The Centers for Disease Control is investigating and helping mitigate an E. coli outbreak in two Midwestern states.
So far, 29 people — 15 from Michigan and 14 from Ohio — have been infected, with nine hospitalizations. The food source is not yet known.
Whole genome sequencing from the infected people suggests that the outbreak originated from the same food.
“The true number of sick people in this outbreak is likely higher,” with both states reporting large increases in the number of infected individuals, the CDC warned in its media statement.
The 14 Ohio cases were “reported in Clermont, Cuyahoga, Franklin, Wood, Lorain, Lucas, Mahoning and Summit counties,” an Ohio Department of Health spokesperson told WBNS-TV, the CBS affiliate in Columbus.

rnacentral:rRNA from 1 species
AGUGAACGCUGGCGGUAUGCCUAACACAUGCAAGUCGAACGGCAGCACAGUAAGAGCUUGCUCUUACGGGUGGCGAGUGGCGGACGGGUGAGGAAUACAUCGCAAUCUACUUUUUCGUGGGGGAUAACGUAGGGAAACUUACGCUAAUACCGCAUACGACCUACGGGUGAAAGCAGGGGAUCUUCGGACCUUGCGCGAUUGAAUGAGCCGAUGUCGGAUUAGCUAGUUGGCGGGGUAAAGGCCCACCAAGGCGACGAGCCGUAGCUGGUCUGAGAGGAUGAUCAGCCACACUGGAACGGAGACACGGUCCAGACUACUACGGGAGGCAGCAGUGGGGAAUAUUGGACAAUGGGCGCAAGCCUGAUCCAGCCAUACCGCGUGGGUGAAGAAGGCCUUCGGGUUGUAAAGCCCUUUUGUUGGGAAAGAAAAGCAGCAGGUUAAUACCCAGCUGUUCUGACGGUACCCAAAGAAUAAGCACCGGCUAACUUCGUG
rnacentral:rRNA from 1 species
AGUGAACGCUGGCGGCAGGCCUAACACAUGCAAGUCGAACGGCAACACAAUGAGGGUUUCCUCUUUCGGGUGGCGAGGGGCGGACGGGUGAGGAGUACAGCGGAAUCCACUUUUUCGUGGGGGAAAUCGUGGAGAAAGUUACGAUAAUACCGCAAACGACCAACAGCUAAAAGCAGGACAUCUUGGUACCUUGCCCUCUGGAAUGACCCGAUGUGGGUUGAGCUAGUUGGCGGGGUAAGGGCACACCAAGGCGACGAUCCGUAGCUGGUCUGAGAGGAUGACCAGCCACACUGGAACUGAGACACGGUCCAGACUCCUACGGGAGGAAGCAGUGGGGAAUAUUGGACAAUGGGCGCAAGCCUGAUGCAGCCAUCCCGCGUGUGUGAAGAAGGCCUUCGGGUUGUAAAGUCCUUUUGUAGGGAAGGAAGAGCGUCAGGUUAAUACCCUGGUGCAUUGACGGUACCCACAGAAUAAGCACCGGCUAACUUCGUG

The Michigan Department of Health and Human Services pointed out a spike in infections in Kent, Ottawa, and Oakland counties.
SEE ALSO: Biden touts $12.4 million to fight drug ‘epidemic’ as fentanyl floods across the southern border
The Michigan department said it has “received reports of 98 cases of E. coli infection in August, compared to 20 cases reported during the same time period in 2021,” noting in a news release that “the current investigation is in the early stages.”
The O157 strain causing the outbreak is a type of E. coli that produces the Shiga toxin, which causes symptoms like vomiting, diarrhea, cramps and fever.
“While reports of E. coli illness typically increase during the warmer summer months, this significant jump in cases is alarming,” Dr. Natasha Bagdasarian, chief medical executive for MDHHS, said in the news release.